2. Test. If you have presented several options, you can test them out by talking with your client and discussing the possible ramifications of each choice; or you can simply present your top choice to the other side and see if they agree. This may not be a long-term litigation strategy that will rake in thousands of dollars, but if your culture and values center on helping your clients find the best solutions to their problems it will bring more equity in the long run.
3. What can I live with? If you have completed all the steps above, this question should be easy to answer. Once you present your clients with all of their options and alternatives, you have fulfilled your duty and obligation. If you chose to present only the standard option of suing (including the legal ramifications and adoptions), is this something you can live with? Have you really “advised” your client of the options and counseled them? “Ultimately you must choose, commit to, act on, and live with the consequences of your choice,” Badaracco says. “Imagine yourself explaining your decision to a close friend or mentor — someone you trust and respect deeply. Would you feel comfortable? How would that person react?” If the answer is favorably, then you’ve done your job. If the answer involves disappointment and disapproval, reassess and act accordingly. We all make mistakes, but if you do so deliberately and without regard to your clients and other stakeholders, then you will have a tough time living with them.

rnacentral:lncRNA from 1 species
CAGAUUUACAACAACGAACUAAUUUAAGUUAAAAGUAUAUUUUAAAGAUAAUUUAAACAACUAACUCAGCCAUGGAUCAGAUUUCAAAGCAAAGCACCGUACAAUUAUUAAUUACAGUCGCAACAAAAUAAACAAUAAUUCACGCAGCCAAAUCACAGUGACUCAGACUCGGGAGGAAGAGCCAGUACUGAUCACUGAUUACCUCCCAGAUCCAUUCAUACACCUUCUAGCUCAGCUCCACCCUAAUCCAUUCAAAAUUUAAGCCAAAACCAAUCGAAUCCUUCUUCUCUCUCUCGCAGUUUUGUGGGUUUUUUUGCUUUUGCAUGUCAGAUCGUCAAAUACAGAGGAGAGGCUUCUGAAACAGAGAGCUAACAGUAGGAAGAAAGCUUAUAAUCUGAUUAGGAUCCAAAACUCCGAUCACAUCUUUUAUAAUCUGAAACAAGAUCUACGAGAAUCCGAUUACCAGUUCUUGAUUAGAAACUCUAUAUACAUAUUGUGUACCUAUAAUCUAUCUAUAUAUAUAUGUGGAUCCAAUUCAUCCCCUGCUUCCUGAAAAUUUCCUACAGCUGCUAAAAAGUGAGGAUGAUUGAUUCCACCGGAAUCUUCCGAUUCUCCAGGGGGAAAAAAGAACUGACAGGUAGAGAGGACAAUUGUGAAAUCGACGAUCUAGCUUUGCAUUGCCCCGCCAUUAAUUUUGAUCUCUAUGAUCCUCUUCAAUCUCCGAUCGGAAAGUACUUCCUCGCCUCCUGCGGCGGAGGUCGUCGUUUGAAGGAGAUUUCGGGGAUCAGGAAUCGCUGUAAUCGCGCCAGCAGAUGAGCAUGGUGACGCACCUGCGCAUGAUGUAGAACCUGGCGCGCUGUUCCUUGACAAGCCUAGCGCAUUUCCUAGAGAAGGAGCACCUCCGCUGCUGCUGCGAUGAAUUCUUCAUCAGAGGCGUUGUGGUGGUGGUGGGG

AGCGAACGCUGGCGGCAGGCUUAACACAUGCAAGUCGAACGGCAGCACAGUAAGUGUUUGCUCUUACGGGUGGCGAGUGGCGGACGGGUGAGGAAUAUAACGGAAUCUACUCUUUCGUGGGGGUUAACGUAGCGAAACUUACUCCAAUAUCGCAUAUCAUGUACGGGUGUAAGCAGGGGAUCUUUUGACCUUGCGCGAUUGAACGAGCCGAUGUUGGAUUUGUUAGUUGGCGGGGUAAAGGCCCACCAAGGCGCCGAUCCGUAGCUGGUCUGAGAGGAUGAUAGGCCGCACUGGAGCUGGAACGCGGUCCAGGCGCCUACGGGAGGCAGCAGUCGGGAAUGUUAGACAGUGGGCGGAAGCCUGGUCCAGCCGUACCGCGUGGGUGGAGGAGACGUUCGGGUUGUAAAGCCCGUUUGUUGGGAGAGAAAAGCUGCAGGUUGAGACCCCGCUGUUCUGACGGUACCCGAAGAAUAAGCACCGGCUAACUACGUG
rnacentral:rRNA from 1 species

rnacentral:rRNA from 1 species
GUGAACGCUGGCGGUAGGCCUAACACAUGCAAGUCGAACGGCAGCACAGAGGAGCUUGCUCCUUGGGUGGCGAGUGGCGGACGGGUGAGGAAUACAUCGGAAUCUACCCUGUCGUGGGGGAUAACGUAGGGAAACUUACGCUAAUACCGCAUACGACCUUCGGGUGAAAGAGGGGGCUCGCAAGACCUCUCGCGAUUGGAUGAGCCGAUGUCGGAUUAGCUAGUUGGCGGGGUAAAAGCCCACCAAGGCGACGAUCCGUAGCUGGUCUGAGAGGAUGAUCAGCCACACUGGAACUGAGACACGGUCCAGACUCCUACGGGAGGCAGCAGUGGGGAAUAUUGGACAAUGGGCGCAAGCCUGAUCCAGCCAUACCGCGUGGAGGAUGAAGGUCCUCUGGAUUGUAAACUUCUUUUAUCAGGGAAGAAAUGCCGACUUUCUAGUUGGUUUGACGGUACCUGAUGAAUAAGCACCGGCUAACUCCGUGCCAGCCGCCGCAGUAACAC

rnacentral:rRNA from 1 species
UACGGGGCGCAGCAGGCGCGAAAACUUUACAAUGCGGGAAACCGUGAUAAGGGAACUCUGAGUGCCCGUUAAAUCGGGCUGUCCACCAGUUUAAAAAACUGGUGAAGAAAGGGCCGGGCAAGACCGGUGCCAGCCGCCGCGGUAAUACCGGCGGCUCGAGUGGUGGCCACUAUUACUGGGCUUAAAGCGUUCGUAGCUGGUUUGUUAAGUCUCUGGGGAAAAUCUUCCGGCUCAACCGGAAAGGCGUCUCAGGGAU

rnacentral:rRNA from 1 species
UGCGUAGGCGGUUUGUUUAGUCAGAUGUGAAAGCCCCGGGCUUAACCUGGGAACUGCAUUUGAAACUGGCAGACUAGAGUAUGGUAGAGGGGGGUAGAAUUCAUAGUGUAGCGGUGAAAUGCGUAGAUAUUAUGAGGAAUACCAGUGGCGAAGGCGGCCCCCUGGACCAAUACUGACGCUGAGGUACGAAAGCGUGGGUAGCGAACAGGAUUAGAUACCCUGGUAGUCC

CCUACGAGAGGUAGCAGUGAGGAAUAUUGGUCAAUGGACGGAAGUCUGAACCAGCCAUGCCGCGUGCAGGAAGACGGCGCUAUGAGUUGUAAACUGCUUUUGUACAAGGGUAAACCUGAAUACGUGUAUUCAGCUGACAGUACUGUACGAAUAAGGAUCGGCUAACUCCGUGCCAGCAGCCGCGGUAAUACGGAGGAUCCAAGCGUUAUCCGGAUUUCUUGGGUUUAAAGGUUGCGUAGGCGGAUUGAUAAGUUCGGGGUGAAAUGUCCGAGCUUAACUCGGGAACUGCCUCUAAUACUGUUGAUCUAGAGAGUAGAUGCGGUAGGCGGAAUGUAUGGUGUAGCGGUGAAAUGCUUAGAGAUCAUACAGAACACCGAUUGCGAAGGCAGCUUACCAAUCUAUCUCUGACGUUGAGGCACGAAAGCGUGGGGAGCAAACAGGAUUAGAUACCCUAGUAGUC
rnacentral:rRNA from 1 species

As you can see, the three problem-solving methodologies go hand-in-hand, but they require that you expand the way you think about each legal issue. It’s not just about the legal rules and obligations — it’s about the people involved, whether they’re parties to a suit or not. Here is a worksheet you can use every time you have a new legal issue in front of you. I hope it adequately serves you, your firm, your clients and your community.